Making a Low Power Photoresistor

I’m building a low power PIR motion detection circuit with an Arduino Pro Mini. Everything will be run on a battery and therefore using the least power possible is critical. So far the Pro mini and PIR sensor together use about 30uA when sleeping or “waiting” for motion. I want to include a photoresistor to allow me to know if it’s day or night and run specific function based on the light level when motion is detected. Obviously the resistance level changes dramatically based on the light which is how a photoresistor works, but the problem with that is on a dark day the photoresistor is 600k Ohm and using 8uA, while in full daylight the photoresistor is 1.1k and using 4.5mA!

4.5mA is far too much compared to my Pro mini and PIR circuit so how can I minimize this number? I only need to know light/dark not different levels within light and dark. The Pro Mini wakes up and reads the light level when motion is sensed so I was thinking of using a FET to complete the photoresistor circuit only when I want to read the light level. Am I missing something or is there a better way to get current down on this photoresistor during daylight hours, or perhaps I should look at something like a lux sensor. I’ve seen low power PIR circuits use a photoresistor before but not sure how the the complete system only draws uA in the daylight.

PhotoResistor_divider_circuit.PNG

You could use a digital output to briefly turn on the circuit with the LDR for a brief period of time ( say 100mS) , take your reading then switch it off again for a few minutes - the average current is then very small .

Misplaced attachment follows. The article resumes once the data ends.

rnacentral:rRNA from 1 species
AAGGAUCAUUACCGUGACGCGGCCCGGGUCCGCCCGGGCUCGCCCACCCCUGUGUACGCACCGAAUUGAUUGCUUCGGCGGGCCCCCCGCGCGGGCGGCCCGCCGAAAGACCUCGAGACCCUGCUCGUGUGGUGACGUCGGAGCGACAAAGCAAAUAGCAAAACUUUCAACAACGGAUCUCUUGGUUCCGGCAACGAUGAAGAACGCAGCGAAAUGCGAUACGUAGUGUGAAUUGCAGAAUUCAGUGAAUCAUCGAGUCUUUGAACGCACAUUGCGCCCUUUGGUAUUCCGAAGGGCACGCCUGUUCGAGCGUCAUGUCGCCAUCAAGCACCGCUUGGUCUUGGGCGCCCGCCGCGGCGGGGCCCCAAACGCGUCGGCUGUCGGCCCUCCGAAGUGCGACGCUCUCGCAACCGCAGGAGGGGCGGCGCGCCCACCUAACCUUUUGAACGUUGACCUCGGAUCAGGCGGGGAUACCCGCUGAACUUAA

Or try a photodiode (or maybe a plain ol’ led) between grnd and an analog pin. Use 1.1v ref.

Try changing the 10K to a 51K, you should be able to get a yes/no answer. Experiment with different values. Also use a avalanche rated MOSFET, (I assume the sensor is on a long wire) to switch the low side on and off. The analog input resistance is claimed to be 100 Mohms. During an actual sample, the input resistance is temporarily a lot lower as the sampling capacitor is charged up so it is recommended that whatever you connect to the A/D have an output impedance of 10k or less for best accuracy. This can be circumvented by using a longer sample time.

freebird4446:
while in full daylight the photoresistor is 1.1k and using 4.5mA!

You're using 50V for power supply? That doesn't make sense. Even 5V doesn't make sense if you're running off batteries and try to go low power, as Vcc will normally be floating with the battery voltage. 3.3V Pro Mini on 2xAA works great.

You can indeed switch off the LDR - connect one of the ends of the voltage divider to a digital pin, set that pin to INPUT to stop current flowing, output HIGH or LOW as needed to measure. No need for a MOSFET there, that's nonsensical.

If you want to limit the maximum current through the LDR, just add a series resistor.

in full daylight the photoresistor is 1.1k and using 4.5mA

It would if you connected it directly between 5V and GND, but no one does that.

Instead use it in a voltage divider with a 100K resistor, and as others have suggested, power the divider from a port pin when making a measurement.

Thanks for all the responses! I was planning on connecting it to a 5V source but many of you brought up just connecting it to a 5V I/O pin and turning that on when I want to do a reading so that's what I'll be doing. Much smarter way to do it :slight_smile:

Thanks again!